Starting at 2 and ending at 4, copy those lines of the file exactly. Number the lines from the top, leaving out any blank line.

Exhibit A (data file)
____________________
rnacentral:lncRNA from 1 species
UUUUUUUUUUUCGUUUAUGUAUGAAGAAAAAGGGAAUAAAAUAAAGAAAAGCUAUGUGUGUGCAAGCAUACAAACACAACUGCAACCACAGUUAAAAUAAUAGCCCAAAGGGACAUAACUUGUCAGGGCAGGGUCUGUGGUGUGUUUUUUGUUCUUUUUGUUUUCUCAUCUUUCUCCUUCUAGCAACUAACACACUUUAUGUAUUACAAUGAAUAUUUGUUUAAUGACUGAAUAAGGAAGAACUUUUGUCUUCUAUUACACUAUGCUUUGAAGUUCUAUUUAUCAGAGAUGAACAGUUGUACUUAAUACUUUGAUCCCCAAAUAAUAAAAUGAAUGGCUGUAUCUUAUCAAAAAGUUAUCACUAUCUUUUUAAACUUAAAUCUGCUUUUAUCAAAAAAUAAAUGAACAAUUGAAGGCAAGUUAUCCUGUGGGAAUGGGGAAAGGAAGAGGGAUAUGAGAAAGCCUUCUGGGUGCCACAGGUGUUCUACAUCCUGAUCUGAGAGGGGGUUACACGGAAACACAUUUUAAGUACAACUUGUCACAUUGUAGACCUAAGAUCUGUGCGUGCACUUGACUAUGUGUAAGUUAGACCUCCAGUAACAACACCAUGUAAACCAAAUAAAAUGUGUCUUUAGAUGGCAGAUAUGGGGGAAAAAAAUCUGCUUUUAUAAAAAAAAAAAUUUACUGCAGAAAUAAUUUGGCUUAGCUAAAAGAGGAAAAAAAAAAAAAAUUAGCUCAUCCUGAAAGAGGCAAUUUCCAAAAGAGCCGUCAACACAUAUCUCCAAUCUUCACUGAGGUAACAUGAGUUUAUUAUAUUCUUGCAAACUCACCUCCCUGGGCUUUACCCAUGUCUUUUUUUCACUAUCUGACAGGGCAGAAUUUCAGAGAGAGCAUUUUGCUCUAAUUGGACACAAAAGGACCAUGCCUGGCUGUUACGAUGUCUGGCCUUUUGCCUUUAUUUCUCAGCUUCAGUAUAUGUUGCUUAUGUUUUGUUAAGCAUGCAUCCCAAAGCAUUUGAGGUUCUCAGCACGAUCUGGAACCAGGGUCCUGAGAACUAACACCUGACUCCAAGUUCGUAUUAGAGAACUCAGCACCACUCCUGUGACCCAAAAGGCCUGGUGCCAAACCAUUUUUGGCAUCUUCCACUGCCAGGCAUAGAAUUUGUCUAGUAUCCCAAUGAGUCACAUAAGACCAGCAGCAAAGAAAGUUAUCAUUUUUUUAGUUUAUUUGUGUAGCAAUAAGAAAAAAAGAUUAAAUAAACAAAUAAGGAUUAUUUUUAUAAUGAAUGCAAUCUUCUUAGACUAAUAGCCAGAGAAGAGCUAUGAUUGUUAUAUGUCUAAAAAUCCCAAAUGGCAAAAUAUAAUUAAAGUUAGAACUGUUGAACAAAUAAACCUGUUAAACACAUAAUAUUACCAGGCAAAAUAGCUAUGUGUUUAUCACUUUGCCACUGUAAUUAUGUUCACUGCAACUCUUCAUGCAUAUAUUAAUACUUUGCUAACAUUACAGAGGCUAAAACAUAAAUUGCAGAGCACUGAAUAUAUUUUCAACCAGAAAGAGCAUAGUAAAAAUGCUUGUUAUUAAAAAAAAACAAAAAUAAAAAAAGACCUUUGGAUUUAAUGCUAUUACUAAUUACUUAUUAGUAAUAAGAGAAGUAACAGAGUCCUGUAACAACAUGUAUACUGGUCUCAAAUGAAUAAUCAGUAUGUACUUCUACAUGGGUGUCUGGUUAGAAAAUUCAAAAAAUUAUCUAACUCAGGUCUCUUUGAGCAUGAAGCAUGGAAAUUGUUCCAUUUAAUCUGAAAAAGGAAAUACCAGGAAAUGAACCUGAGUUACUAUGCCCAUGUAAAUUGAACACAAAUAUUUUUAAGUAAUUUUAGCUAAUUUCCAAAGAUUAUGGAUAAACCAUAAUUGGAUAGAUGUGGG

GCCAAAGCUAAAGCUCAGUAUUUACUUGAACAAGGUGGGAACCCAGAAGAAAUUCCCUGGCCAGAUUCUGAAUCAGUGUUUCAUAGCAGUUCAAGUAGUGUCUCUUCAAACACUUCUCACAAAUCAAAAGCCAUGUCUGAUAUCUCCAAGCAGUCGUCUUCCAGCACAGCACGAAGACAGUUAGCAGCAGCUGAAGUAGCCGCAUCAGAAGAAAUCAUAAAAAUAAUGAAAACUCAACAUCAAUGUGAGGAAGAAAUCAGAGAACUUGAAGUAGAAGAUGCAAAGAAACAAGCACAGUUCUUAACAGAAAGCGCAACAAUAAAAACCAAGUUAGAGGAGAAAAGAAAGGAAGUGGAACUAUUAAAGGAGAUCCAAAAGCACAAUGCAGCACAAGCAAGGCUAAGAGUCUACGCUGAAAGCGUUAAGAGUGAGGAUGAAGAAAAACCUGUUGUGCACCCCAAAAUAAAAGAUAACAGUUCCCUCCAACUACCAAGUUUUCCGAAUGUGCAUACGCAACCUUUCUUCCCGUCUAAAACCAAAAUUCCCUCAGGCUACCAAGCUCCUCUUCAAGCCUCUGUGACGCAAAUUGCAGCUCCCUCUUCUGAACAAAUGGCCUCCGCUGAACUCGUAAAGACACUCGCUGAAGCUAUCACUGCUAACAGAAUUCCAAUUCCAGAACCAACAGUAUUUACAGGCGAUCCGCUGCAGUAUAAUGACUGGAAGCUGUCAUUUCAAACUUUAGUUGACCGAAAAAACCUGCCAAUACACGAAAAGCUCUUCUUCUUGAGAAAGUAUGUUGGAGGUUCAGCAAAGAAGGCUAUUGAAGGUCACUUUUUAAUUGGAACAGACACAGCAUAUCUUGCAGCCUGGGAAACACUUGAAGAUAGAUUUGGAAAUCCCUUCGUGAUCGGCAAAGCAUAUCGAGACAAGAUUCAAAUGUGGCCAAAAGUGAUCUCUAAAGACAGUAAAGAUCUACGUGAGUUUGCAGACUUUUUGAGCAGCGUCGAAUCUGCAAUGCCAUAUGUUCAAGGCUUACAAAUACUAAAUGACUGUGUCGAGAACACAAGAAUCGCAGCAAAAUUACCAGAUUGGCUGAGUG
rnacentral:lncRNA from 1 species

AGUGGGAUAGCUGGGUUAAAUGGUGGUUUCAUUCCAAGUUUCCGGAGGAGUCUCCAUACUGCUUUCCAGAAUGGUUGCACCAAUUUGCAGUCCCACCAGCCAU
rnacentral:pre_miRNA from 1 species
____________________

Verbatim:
UUUUUUUUUUUCGUUUAUGUAUGAAGAAAAAGGGAAUAAAAUAAAGAAAAGCUAUGUGUGUGCAAGCAUACAAACACAACUGCAACCACAGUUAAAAUAAUAGCCCAAAGGGACAUAACUUGUCAGGGCAGGGUCUGUGGUGUGUUUUUUGUUCUUUUUGUUUUCUCAUCUUUCUCCUUCUAGCAACUAACACACUUUAUGUAUUACAAUGAAUAUUUGUUUAAUGACUGAAUAAGGAAGAACUUUUGUCUUCUAUUACACUAUGCUUUGAAGUUCUAUUUAUCAGAGAUGAACAGUUGUACUUAAUACUUUGAUCCCCAAAUAAUAAAAUGAAUGGCUGUAUCUUAUCAAAAAGUUAUCACUAUCUUUUUAAACUUAAAUCUGCUUUUAUCAAAAAAUAAAUGAACAAUUGAAGGCAAGUUAUCCUGUGGGAAUGGGGAAAGGAAGAGGGAUAUGAGAAAGCCUUCUGGGUGCCACAGGUGUUCUACAUCCUGAUCUGAGAGGGGGUUACACGGAAACACAUUUUAAGUACAACUUGUCACAUUGUAGACCUAAGAUCUGUGCGUGCACUUGACUAUGUGUAAGUUAGACCUCCAGUAACAACACCAUGUAAACCAAAUAAAAUGUGUCUUUAGAUGGCAGAUAUGGGGGAAAAAAAUCUGCUUUUAUAAAAAAAAAAAUUUACUGCAGAAAUAAUUUGGCUUAGCUAAAAGAGGAAAAAAAAAAAAAAUUAGCUCAUCCUGAAAGAGGCAAUUUCCAAAAGAGCCGUCAACACAUAUCUCCAAUCUUCACUGAGGUAACAUGAGUUUAUUAUAUUCUUGCAAACUCACCUCCCUGGGCUUUACCCAUGUCUUUUUUUCACUAUCUGACAGGGCAGAAUUUCAGAGAGAGCAUUUUGCUCUAAUUGGACACAAAAGGACCAUGCCUGGCUGUUACGAUGUCUGGCCUUUUGCCUUUAUUUCUCAGCUUCAGUAUAUGUUGCUUAUGUUUUGUUAAGCAUGCAUCCCAAAGCAUUUGAGGUUCUCAGCACGAUCUGGAACCAGGGUCCUGAGAACUAACACCUGACUCCAAGUUCGUAUUAGAGAACUCAGCACCACUCCUGUGACCCAAAAGGCCUGGUGCCAAACCAUUUUUGGCAUCUUCCACUGCCAGGCAUAGAAUUUGUCUAGUAUCCCAAUGAGUCACAUAAGACCAGCAGCAAAGAAAGUUAUCAUUUUUUUAGUUUAUUUGUGUAGCAAUAAGAAAAAAAGAUUAAAUAAACAAAUAAGGAUUAUUUUUAUAAUGAAUGCAAUCUUCUUAGACUAAUAGCCAGAGAAGAGCUAUGAUUGUUAUAUGUCUAAAAAUCCCAAAUGGCAAAAUAUAAUUAAAGUUAGAACUGUUGAACAAAUAAACCUGUUAAACACAUAAUAUUACCAGGCAAAAUAGCUAUGUGUUUAUCACUUUGCCACUGUAAUUAUGUUCACUGCAACUCUUCAUGCAUAUAUUAAUACUUUGCUAACAUUACAGAGGCUAAAACAUAAAUUGCAGAGCACUGAAUAUAUUUUCAACCAGAAAGAGCAUAGUAAAAAUGCUUGUUAUUAAAAAAAAACAAAAAUAAAAAAAGACCUUUGGAUUUAAUGCUAUUACUAAUUACUUAUUAGUAAUAAGAGAAGUAACAGAGUCCUGUAACAACAUGUAUACUGGUCUCAAAUGAAUAAUCAGUAUGUACUUCUACAUGGGUGUCUGGUUAGAAAAUUCAAAAAAUUAUCUAACUCAGGUCUCUUUGAGCAUGAAGCAUGGAAAUUGUUCCAUUUAAUCUGAAAAAGGAAAUACCAGGAAAUGAACCUGAGUUACUAUGCCCAUGUAAAUUGAACACAAAUAUUUUUAAGUAAUUUUAGCUAAUUUCCAAAGAUUAUGGAUAAACCAUAAUUGGAUAGAUGUGGG

GCCAAAGCUAAAGCUCAGUAUUUACUUGAACAAGGUGGGAACCCAGAAGAAAUUCCCUGGCCAGAUUCUGAAUCAGUGUUUCAUAGCAGUUCAAGUAGUGUCUCUUCAAACACUUCUCACAAAUCAAAAGCCAUGUCUGAUAUCUCCAAGCAGUCGUCUUCCAGCACAGCACGAAGACAGUUAGCAGCAGCUGAAGUAGCCGCAUCAGAAGAAAUCAUAAAAAUAAUGAAAACUCAACAUCAAUGUGAGGAAGAAAUCAGAGAACUUGAAGUAGAAGAUGCAAAGAAACAAGCACAGUUCUUAACAGAAAGCGCAACAAUAAAAACCAAGUUAGAGGAGAAAAGAAAGGAAGUGGAACUAUUAAAGGAGAUCCAAAAGCACAAUGCAGCACAAGCAAGGCUAAGAGUCUACGCUGAAAGCGUUAAGAGUGAGGAUGAAGAAAAACCUGUUGUGCACCCCAAAAUAAAAGAUAACAGUUCCCUCCAACUACCAAGUUUUCCGAAUGUGCAUACGCAACCUUUCUUCCCGUCUAAAACCAAAAUUCCCUCAGGCUACCAAGCUCCUCUUCAAGCCUCUGUGACGCAAAUUGCAGCUCCCUCUUCUGAACAAAUGGCCUCCGCUGAACUCGUAAAGACACUCGCUGAAGCUAUCACUGCUAACAGAAUUCCAAUUCCAGAACCAACAGUAUUUACAGGCGAUCCGCUGCAGUAUAAUGACUGGAAGCUGUCAUUUCAAACUUUAGUUGACCGAAAAAACCUGCCAAUACACGAAAAGCUCUUCUUCUUGAGAAAGUAUGUUGGAGGUUCAGCAAAGAAGGCUAUUGAAGGUCACUUUUUAAUUGGAACAGACACAGCAUAUCUUGCAGCCUGGGAAACACUUGAAGAUAGAUUUGGAAAUCCCUUCGUGAUCGGCAAAGCAUAUCGAGACAAGAUUCAAAUGUGGCCAAAAGUGAUCUCUAAAGACAGUAAAGAUCUACGUGAGUUUGCAGACUUUUUGAGCAGCGUCGAAUCUGCAAUGCCAUAUGUUCAAGGCUUACAAAUACUAAAUGACUGUGUCGAGAACACAAGAAUCGCAGCAAAAUUACCAGAUUGGCUGAGUG
rnacentral:lncRNA from 1 species